Melo to quit if auto polls fail
By Sheila Crisostomo
The Philippine Star
MANILA, Philippines – Commission on Elections (Comelec) Chairman Jose Melo is ready to resign if the May elections fail.
In an interview, Melo said the Comelec is responsible for ensuring the holding of clean and honest elections on May 10.
“I will not shrink on that responsibility,” he said.
“But to be fair to Comelec officials and employees, if something happens beyond our control, it is not their fault.”
Melo said he will answer for any problem with the counting machines even if it’s the responsibility of Smartmatic-Total Information Management Corp. (TIM), the firm contacted to supply the precinct count optical scan machines.
“Personally, let’s assume it’s the fault of the Comelec, even if it’s not directly my fault, I will get out when that happens,” he said.
Multi-sector group Kontra-Daya called on Comelec officials to resign if the elections fail.
Smartmatic rents 5th printing machine
Smartmatic-TIM has rented a fifth printing machine to speed up the printing of ballots at the National Printing Office.
Gene Gregorio, Smartmatic spokesman, said they leased the machine to ease the load in producing more than 50.7 million ballots.
“We would like to be more prepared, not because we are outside the deadline,” he said.
“Printing is in full swing and meeting the deadline.”
Smartmatic-TIM started printing the ballots last Feb. 8 using four high-end Kodak machines from Switzerland.
Each machine can produce 200,000 ballots a day.
Smartmatic-TIM had already completed printing the ballots for the Autonomous Region in Muslim Mindanao, Cagayan Valley and Calabarzon Region.
8.5 million indigenous people to vote on May 10
Some 8.5 million indigenous people, including those who cannot read and write, have registered for the May 10 elections, according to the National Commission on Indigenous People (NCIP).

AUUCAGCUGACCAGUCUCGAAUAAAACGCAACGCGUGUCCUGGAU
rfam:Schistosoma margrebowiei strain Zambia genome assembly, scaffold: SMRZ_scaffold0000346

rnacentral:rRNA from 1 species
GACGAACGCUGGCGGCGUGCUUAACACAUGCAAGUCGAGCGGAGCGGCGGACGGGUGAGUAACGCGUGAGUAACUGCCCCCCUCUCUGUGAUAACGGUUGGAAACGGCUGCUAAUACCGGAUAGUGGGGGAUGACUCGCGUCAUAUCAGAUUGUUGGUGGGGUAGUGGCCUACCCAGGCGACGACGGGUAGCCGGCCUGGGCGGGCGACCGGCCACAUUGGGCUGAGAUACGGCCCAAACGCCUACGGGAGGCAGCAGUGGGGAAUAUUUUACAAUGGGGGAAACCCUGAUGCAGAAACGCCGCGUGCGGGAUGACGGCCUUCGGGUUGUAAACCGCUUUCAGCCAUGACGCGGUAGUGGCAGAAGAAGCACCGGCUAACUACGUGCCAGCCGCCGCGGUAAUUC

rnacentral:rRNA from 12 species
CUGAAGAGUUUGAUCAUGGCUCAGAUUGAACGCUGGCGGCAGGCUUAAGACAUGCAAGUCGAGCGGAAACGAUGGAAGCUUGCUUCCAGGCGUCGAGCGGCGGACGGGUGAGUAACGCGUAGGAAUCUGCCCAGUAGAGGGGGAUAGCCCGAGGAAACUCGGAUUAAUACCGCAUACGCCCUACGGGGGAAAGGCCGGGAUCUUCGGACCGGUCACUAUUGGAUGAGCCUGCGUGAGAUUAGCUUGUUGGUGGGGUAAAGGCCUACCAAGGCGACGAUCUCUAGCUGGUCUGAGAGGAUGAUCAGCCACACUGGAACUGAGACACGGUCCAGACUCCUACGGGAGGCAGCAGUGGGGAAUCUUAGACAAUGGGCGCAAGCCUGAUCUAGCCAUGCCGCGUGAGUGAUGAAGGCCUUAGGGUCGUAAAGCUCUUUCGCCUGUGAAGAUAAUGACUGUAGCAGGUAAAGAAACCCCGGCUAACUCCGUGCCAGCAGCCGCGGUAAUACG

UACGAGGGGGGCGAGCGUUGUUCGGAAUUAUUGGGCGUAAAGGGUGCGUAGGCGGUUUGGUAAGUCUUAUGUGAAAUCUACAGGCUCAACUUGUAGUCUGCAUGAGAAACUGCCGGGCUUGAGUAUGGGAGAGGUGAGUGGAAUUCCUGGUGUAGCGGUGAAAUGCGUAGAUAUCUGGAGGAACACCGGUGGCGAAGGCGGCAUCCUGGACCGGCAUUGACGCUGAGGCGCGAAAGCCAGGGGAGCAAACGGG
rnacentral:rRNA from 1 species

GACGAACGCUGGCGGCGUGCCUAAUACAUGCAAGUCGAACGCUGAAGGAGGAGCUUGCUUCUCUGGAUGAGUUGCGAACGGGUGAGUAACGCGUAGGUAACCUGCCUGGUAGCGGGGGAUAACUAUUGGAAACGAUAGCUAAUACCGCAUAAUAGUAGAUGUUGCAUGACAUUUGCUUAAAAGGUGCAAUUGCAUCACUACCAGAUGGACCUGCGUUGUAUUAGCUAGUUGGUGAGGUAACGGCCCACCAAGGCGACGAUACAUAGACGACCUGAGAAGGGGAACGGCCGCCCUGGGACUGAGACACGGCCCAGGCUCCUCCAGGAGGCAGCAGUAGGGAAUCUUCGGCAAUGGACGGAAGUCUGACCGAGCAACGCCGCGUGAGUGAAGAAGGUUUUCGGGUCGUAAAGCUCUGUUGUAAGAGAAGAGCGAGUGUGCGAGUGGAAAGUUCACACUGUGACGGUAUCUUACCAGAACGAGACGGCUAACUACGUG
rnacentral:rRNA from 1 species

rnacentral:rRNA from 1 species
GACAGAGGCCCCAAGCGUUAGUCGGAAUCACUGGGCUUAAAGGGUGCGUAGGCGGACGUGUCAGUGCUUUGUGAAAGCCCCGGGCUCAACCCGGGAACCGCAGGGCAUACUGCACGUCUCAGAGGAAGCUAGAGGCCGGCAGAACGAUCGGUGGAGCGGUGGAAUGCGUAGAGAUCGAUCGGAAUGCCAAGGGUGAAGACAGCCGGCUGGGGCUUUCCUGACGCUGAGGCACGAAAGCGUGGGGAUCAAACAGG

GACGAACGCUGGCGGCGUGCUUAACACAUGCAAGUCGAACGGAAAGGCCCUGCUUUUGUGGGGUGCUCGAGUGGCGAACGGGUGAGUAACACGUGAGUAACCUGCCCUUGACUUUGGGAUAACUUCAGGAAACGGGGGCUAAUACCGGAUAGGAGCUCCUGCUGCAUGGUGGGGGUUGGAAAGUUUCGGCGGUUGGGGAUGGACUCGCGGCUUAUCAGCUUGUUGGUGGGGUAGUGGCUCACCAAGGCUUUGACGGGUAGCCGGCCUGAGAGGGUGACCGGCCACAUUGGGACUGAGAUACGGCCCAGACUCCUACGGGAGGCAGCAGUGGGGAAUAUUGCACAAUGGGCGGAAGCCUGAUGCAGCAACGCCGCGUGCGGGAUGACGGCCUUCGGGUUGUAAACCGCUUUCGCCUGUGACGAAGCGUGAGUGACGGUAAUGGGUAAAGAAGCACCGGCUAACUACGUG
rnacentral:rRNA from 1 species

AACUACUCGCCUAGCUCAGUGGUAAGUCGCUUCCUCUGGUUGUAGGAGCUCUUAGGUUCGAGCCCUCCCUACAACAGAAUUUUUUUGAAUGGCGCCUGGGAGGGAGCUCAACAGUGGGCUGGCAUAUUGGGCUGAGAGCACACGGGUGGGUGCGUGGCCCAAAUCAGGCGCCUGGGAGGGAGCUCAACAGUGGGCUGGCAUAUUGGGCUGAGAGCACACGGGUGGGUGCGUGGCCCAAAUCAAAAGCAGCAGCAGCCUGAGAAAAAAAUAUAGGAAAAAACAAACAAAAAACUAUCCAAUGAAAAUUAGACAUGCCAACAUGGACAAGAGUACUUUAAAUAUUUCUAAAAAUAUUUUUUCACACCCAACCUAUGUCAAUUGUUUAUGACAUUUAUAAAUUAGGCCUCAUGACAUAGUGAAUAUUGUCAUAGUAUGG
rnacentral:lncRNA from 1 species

Masli Quilaman, NCIP executive director, said he has directed their field personnel to ensure that relatives would assist those who cannot read and write to vote on election day.
“My only concern is that they might tend to shade their ballots too heavily as they are a hardworking people with heavy hands,” he said. “This could spoil their ballots.”
Zoilo Perlas, Comelec director for Central Luzon, said the law allows relatives to assist voters who cannot read and write.
In the absence of relatives, a member of the Board of Election Inspectors is authorized to assist them, he added.
Perlas and Quilaman are confident that automation would be to the advantage of indigenous people who cannot read and write.
They could just shade the spaces next to the names of candidates identified by persons assisting them, they added.
Quilaman said the NCIP is working towards empowering the indigenous people through the electoral process.
“But it will take some time to unify the indigenous groups,” he said.
Quilaman said that can be achieved despite the cultural and geographical differences among them.
“Their history of being exploited will be the common unifying factor that can transform them into a political force to reckon with,” he said.
Quilaman said the Subanens in Zamboanga Peninsula are the most numerous among the country’s indigenous peoples.
Their population is estimated between 600,000 and 800,000, he added.
Quilaman said other indigenous peoples are the Ifugaos, Ibalois, Kankanaeys, Kalingas, Isnegs, Tingguians, Bugkalots, Dumagats, Aetas, Atis, Mangyans, Manobos, Tagbanuas, Tedurays, T’bolis, Bagobos, and Higaonons and about a hundred other tribes.
The population of indigenous peoples has already reached about 14 million, he added.
Quilaman said if indigenous peoples unite behind one candidate, they could elect an Aeta president. — Ding Cervantes